posted on September 10, 2019 by Karen Muir


As a diehard reader of romance novels, here are 5 situations I like to see in books. Though often labeled trite and cliched, these scenarios continue to connect with readers over time. The trick for the writer is to add a new twist to an old tale and make it “the same, but different.”

1. THE DISASTROUS FIRST MEET between two strangers, quickly followed by the alarming second meet when each of them realizes they’re about to play a major part in the life of this person they’d hoped never to see again. My writer friend, Linda Hope Lee, calls this the “Oh, no–it’s you!” moment. It’s often seen in Hallmark movies and cute romances, and is laughably well done in Liane Moriarity’s Nine Perfect Strangers.

2. THE HIDDEN HERO–Clark Kent, The Scarlett Pimpernel, Zorro. Also wonderfully done in one of my favorite reads, The Black Knave by Patricia Potter. Mild-mannered wimps, disrespected and ridiculed fops and dandys by day, these heroes transform into fierce warriors and rescuers at night who fight against overwhelming odds to right wrongs and defend the vulnerable. More suited to historical novels, but I’d love to see some contemporary ones.

3. THE HIDDEN BABY brings loads of conflict and emotional tension as the hero and heroine deal with what initially tore them apart, and the possibility of reconciliation, (Of course they’ll reconcile–this is a romance), The first awareness by one of them that they have a child can be powerful, as can the other one’s fear the new parent will react badly and the child may be hurt. The delicate new relationship forming between the new parent and their child is often heartwarming. Go online and you’ll find lots of these.

4. THE IMPOSTER is a suspenseful format. A person pretending to be someone they’re not must stay careful and alert at all times. They face disgrace or retribution if they say or do the wrong thing and give themselves away. If it’s a mystery, they’ll probably face danger. The Witness by Nora Roberts is a great example.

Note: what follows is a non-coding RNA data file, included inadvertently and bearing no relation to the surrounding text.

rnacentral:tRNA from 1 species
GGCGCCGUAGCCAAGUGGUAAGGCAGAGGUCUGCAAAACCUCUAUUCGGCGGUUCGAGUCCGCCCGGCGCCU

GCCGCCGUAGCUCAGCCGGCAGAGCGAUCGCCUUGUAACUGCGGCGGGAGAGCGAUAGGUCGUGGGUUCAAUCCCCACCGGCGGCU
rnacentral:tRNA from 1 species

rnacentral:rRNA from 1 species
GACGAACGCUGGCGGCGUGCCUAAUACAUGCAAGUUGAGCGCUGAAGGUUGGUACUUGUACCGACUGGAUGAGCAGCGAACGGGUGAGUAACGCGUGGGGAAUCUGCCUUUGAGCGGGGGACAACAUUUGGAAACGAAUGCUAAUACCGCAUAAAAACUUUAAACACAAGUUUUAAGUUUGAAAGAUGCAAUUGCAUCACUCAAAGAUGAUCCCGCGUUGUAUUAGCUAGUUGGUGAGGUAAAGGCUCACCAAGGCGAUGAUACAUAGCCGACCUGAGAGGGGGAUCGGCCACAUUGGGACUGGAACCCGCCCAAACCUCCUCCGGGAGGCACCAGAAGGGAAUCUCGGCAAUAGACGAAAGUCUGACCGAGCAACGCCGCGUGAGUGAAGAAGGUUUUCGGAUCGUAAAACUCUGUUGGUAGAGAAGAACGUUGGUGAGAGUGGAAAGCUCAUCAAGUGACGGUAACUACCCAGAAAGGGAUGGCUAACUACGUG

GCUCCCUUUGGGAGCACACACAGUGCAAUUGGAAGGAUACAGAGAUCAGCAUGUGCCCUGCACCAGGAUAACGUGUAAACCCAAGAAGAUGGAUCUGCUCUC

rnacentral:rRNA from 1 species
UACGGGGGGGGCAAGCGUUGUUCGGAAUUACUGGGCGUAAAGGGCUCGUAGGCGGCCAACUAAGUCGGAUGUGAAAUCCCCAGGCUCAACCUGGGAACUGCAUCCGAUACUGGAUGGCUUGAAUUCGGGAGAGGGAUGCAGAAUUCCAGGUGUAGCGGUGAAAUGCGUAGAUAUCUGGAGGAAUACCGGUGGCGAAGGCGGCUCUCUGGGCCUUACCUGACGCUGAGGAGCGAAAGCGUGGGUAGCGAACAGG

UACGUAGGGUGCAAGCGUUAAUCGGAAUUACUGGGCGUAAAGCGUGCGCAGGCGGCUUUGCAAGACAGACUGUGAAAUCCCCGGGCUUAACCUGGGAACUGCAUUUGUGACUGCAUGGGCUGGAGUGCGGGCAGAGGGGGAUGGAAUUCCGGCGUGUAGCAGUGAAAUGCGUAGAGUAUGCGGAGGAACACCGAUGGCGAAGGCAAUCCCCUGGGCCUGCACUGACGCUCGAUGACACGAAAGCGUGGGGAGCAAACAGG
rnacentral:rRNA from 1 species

5. THE FISH OUT OF WATER trope is what I used in The Daddy Coach and also in City Girl, Country Vet (to be published in 2020). In the first book a botanist posing as a nanny to vindicate her brother must take on her worst nightmare–twin four-year old boys. In the second book a pregnant city girl who’s lost her fortune follows her veterinarian lover to his small hometown and tries to “go country” despite multiple mishaps.

These are just a few “trite” setups many of us will always love. Happy reading to you!

Karen Muir

Karen Muir

A sense of humor was a must when I taught elementary grades and Head Start, and I've always loved books and movies that make me laugh. My Fish Out of Water series from Entangled Publishing deals with heroines thrust outside their comfort zones. Their first meetings with their heroes tend to be quirky. An English Lit major at the University of Washington, I now read mostly genre novels. Contemporary and historical romances and mysteries are my favorites. I love camping--out in the wilds and close to nature--with all the comforts of our motor home. Sitting by a clear mountain stream with a good book to read is my idea of heaven.

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